Following a land cover and land management change (LCMC), local surface temperature responds to both a change in available energy and a change in the way energy is redistributed by various non-radiative mechanisms. However, the extent to which non-radiative mechanisms contribute to the local direct temperature response for different types of LCMC across the world remains uncertain. Here, we combine extensive records of remote sensing and in situ observation to show that non-radiative mechanisms dominate the local response in most regions for eight of nine common LCMC perturbations. We find that forest cover gains lead to an annual cooling in all regions south of the upper conterminous United States, northern Europe, and Siberia—reinforcing the attractiveness of re-/afforestation as a local mitigation and adaptation measure in these regions. Our results affirm the importance of accounting for non-radiative mechanisms when evaluating local land-based mitigation or adaptation policies.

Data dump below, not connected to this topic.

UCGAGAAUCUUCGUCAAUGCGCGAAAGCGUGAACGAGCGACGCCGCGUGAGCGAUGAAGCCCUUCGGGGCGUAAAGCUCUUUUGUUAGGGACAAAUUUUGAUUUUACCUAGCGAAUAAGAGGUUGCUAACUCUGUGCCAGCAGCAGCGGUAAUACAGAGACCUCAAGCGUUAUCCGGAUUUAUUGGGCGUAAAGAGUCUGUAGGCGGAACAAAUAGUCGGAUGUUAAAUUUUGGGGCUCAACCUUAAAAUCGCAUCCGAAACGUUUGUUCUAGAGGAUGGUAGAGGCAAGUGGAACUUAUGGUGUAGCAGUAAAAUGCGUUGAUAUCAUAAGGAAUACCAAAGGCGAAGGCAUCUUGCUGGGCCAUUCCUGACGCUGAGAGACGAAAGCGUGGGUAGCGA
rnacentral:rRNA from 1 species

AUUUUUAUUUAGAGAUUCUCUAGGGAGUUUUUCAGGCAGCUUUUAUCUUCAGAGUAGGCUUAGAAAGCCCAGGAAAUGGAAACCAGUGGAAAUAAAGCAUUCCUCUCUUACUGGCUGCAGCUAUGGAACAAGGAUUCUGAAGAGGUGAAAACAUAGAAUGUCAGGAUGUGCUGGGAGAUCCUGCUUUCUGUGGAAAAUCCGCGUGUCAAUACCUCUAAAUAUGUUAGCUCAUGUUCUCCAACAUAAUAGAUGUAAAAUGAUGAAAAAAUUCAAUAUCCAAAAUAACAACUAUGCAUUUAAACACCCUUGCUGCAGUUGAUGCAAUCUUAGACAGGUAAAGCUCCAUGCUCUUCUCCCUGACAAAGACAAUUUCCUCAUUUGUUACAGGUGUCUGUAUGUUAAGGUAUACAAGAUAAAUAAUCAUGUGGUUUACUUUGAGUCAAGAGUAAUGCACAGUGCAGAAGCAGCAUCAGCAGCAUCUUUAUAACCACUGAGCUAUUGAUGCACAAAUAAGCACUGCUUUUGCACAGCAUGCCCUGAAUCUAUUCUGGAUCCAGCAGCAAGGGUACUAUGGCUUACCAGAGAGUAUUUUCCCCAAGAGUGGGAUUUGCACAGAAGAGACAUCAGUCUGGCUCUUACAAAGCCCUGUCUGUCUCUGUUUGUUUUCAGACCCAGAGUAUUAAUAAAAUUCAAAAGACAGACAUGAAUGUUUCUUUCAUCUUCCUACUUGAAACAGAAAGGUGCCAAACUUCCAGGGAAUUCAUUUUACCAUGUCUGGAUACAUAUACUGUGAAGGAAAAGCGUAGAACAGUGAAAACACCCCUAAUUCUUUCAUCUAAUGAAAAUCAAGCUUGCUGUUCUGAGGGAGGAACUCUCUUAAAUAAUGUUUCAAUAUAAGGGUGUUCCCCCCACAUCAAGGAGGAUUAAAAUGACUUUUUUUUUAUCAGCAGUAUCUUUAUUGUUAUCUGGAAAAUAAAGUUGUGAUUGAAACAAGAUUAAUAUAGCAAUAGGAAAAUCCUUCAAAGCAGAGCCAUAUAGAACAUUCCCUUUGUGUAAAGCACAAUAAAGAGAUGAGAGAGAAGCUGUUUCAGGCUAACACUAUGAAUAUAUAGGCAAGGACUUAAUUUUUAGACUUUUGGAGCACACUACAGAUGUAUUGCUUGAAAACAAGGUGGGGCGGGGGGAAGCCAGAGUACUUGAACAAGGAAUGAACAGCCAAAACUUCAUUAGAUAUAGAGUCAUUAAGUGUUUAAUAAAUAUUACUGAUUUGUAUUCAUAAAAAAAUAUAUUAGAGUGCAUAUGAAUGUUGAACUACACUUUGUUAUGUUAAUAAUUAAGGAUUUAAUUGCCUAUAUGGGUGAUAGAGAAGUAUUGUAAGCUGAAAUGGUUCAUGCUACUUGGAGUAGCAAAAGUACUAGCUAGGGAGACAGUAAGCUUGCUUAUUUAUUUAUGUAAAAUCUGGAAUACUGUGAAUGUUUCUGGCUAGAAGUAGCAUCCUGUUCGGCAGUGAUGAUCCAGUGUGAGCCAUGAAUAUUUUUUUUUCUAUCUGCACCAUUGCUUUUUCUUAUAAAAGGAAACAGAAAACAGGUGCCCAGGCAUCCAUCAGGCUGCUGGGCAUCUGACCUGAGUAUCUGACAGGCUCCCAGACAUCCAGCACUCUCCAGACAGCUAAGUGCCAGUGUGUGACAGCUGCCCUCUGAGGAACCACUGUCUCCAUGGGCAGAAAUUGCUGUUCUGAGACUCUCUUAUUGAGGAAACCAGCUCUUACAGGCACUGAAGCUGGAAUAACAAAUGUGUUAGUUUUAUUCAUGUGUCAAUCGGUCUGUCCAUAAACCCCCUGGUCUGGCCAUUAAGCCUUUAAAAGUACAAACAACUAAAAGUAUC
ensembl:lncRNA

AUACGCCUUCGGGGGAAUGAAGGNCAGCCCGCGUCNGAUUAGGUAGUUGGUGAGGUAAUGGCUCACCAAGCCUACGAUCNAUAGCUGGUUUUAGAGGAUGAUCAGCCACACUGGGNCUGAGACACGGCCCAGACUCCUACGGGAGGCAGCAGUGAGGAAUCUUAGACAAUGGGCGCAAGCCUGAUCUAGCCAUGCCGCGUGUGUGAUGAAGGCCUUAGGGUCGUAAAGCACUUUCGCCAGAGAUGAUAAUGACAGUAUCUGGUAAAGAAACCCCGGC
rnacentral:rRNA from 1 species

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R.M.B. was supported with funding provided by The Research Council of Norway (250113/F20) and the Norwegian Ministry of Food and Agriculture (355002). J.P. was supported by German Research Foundation’s Emmy Noether Program (PO 1751/1-1). A.C. was supported by EU-FP7-LUC4C (603542).
The authors declare no competing financial interests.
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Bright, R., Davin, E., O’Halloran, T. et al. Local temperature response to land cover and management change driven by non-radiative processes. Nature Clim Change 7, 296–302 (2017). https://doi.org/10.1038/nclimate3250
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